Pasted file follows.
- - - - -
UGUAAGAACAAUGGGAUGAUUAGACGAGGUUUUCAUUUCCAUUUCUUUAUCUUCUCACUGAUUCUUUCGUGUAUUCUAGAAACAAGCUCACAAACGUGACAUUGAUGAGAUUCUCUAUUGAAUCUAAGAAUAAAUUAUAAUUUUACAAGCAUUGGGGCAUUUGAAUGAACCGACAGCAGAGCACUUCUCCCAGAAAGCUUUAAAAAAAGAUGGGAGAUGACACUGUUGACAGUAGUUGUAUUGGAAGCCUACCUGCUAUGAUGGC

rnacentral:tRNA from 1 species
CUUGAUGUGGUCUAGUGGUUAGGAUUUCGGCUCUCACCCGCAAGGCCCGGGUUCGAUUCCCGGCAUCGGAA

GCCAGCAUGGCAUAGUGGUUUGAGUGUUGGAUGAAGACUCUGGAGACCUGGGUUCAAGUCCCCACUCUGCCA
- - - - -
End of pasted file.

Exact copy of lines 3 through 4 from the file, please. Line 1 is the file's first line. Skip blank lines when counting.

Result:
CUUGAUGUGGUCUAGUGGUUAGGAUUUCGGCUCUCACCCGCAAGGCCCGGGUUCGAUUCCCGGCAUCGGAA

GCCAGCAUGGCAUAGUGGUUUGAGUGUUGGAUGAAGACUCUGGAGACCUGGGUUCAAGUCCCCACUCUGCCA